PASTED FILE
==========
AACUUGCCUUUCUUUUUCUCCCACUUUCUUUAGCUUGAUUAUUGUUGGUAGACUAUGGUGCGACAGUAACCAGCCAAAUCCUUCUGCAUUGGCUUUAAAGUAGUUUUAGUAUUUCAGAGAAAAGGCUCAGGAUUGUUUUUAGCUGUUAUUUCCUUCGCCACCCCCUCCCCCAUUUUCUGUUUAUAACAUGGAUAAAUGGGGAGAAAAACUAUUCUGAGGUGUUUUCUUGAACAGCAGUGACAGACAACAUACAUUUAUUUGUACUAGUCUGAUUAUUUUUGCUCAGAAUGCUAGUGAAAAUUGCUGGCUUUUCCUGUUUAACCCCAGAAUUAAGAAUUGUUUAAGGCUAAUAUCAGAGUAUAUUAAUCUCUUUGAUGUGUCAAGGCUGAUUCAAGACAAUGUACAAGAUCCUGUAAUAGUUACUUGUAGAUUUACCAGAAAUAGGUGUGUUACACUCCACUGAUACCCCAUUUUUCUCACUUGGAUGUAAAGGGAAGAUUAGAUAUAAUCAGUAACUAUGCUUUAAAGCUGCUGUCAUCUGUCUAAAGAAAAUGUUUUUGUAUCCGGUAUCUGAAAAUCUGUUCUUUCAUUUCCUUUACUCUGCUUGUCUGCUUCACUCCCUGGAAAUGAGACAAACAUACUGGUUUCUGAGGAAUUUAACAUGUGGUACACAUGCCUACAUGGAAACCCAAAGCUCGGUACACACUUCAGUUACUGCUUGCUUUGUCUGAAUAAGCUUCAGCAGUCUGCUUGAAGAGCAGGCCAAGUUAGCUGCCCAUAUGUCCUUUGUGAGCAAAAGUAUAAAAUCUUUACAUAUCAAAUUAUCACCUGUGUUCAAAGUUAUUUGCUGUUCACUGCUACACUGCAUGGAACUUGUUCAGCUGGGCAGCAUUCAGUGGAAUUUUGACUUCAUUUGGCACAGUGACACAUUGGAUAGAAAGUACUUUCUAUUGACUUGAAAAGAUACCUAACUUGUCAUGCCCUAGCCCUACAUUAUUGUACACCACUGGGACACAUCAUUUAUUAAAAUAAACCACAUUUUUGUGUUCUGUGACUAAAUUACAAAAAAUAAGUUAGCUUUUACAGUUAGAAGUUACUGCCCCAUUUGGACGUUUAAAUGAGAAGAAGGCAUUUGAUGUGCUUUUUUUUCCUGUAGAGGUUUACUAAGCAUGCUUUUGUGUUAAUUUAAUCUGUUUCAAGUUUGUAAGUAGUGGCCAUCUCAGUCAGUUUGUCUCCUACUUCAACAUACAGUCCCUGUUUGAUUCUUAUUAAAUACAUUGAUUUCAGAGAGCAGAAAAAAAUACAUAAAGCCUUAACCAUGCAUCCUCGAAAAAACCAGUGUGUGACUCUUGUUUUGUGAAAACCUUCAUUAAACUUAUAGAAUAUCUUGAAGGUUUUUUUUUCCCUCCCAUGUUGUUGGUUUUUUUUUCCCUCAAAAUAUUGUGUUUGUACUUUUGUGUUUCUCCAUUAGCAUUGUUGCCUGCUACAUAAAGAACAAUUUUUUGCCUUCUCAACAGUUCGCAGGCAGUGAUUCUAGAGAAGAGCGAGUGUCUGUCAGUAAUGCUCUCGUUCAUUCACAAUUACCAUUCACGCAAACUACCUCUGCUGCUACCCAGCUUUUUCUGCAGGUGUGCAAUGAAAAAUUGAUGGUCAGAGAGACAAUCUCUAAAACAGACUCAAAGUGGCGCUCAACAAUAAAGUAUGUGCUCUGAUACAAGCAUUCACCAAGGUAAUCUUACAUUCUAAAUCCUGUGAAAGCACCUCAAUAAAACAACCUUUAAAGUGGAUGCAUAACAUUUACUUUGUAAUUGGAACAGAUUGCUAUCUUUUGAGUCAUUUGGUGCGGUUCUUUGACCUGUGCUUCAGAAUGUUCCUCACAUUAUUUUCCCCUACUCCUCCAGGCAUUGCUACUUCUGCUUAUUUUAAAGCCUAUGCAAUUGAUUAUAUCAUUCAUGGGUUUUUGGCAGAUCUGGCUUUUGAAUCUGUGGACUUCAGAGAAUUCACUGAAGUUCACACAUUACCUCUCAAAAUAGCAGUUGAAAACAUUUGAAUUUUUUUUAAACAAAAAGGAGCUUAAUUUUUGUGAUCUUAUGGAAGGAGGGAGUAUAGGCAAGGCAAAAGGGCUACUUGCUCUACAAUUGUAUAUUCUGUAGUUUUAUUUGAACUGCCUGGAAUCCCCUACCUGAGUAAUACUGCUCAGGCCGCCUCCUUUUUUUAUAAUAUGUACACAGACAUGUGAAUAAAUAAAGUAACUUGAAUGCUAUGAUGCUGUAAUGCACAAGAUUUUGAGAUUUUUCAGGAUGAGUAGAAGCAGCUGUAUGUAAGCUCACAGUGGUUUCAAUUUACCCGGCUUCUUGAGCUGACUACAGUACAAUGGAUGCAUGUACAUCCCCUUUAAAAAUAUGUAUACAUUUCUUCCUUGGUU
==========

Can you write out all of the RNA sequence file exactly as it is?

AACUUGCCUUUCUUUUUCUCCCACUUUCUUUAGCUUGAUUAUUGUUGGUAGACUAUGGUGCGACAGUAACCAGCCAAAUCCUUCUGCAUUGGCUUUAAAGUAGUUUUAGUAUUUCAGAGAAAAGGCUCAGGAUUGUUUUUAGCUGUUAUUUCCUUCGCCACCCCCUCCCCCAUUUUCUGUUUAUAACAUGGAUAAAUGGGGAGAAAAACUAUUCUGAGGUGUUUUCUUGAACAGCAGUGACAGACAACAUACAUUUAUUUGUACUAGUCUGAUUAUUUUUGCUCAGAAUGCUAGUGAAAAUUGCUGGCUUUUCCUGUUUAACCCCAGAAUUAAGAAUUGUUUAAGGCUAAUAUCAGAGUAUAUUAAUCUCUUUGAUGUGUCAAGGCUGAUUCAAGACAAUGUACAAGAUCCUGUAAUAGUUACUUGUAGAUUUACCAGAAAUAGGUGUGUUACACUCCACUGAUACCCCAUUUUUCUCACUUGGAUGUAAAGGGAAGAUUAGAUAUAAUCAGUAACUAUGCUUUAAAGCUGCUGUCAUCUGUCUAAAGAAAAUGUUUUUGUAUCCGGUAUCUGAAAAUCUGUUCUUUCAUUUCCUUUACUCUGCUUGUCUGCUUCACUCCCUGGAAAUGAGACAAACAUACUGGUUUCUGAGGAAUUUAACAUGUGGUACACAUGCCUACAUGGAAACCCAAAGCUCGGUACACACUUCAGUUACUGCUUGCUUUGUCUGAAUAAGCUUCAGCAGUCUGCUUGAAGAGCAGGCCAAGUUAGCUGCCCAUAUGUCCUUUGUGAGCAAAAGUAUAAAAUCUUUACAUAUCAAAUUAUCACCUGUGUUCAAAGUUAUUUGCUGUUCACUGCUACACUGCAUGGAACUUGUUCAGCUGGGCAGCAUUCAGUGGAAUUUUGACUUCAUUUGGCACAGUGACACAUUGGAUAGAAAGUACUUUCUAUUGACUUGAAAAGAUACCUAACUUGUCAUGCCCUAGCCCUACAUUAUUGUACACCACUGGGACACAUCAUUUAUUAAAAUAAACCACAUUUUUGUGUUCUGUGACUAAAUUACAAAAAAUAAGUUAGCUUUUACAGUUAGAAGUUACUGCCCCAUUUGGACGUUUAAAUGAGAAGAAGGCAUUUGAUGUGCUUUUUUUUCCUGUAGAGGUUUACUAAGCAUGCUUUUGUGUUAAUUUAAUCUGUUUCAAGUUUGUAAGUAGUGGCCAUCUCAGUCAGUUUGUCUCCUACUUCAACAUACAGUCCCUGUUUGAUUCUUAUUAAAUACAUUGAUUUCAGAGAGCAGAAAAAAAUACAUAAAGCCUUAACCAUGCAUCCUCGAAAAAACCAGUGUGUGACUCUUGUUUUGUGAAAACCUUCAUUAAACUUAUAGAAUAUCUUGAAGGUUUUUUUUUCCCUCCCAUGUUGUUGGUUUUUUUUUCCCUCAAAAUAUUGUGUUUGUACUUUUGUGUUUCUCCAUUAGCAUUGUUGCCUGCUACAUAAAGAACAAUUUUUUGCCUUCUCAACAGUUCGCAGGCAGUGAUUCUAGAGAAGAGCGAGUGUCUGUCAGUAAUGCUCUCGUUCAUUCACAAUUACCAUUCACGCAAACUACCUCUGCUGCUACCCAGCUUUUUCUGCAGGUGUGCAAUGAAAAAUUGAUGGUCAGAGAGACAAUCUCUAAAACAGACUCAAAGUGGCGCUCAACAAUAAAGUAUGUGCUCUGAUACAAGCAUUCACCAAGGUAAUCUUACAUUCUAAAUCCUGUGAAAGCACCUCAAUAAAACAACCUUUAAAGUGGAUGCAUAACAUUUACUUUGUAAUUGGAACAGAUUGCUAUCUUUUGAGUCAUUUGGUGCGGUUCUUUGACCUGUGCUUCAGAAUGUUCCUCACAUUAUUUUCCCCUACUCCUCCAGGCAUUGCUACUUCUGCUUAUUUUAAAGCCUAUGCAAUUGAUUAUAUCAUUCAUGGGUUUUUGGCAGAUCUGGCUUUUGAAUCUGUGGACUUCAGAGAAUUCACUGAAGUUCACACAUUACCUCUCAAAAUAGCAGUUGAAAACAUUUGAAUUUUUUUUAAACAAAAAGGAGCUUAAUUUUUGUGAUCUUAUGGAAGGAGGGAGUAUAGGCAAGGCAAAAGGGCUACUUGCUCUACAAUUGUAUAUUCUGUAGUUUUAUUUGAACUGCCUGGAAUCCCCUACCUGAGUAAUACUGCUCAGGCCGCCUCCUUUUUUUAUAAUAUGUACACAGACAUGUGAAUAAAUAAAGUAACUUGAAUGCUAUGAUGCUGUAAUGCACAAGAUUUUGAGAUUUUUCAGGAUGAGUAGAAGCAGCUGUAUGUAAGCUCACAGUGGUUUCAAUUUACCCGGCUUCUUGAGCUGACUACAGUACAAUGGAUGCAUGUACAUCCCCUUUAAAAAUAUGUAUACAUUUCUUCCUUGGUU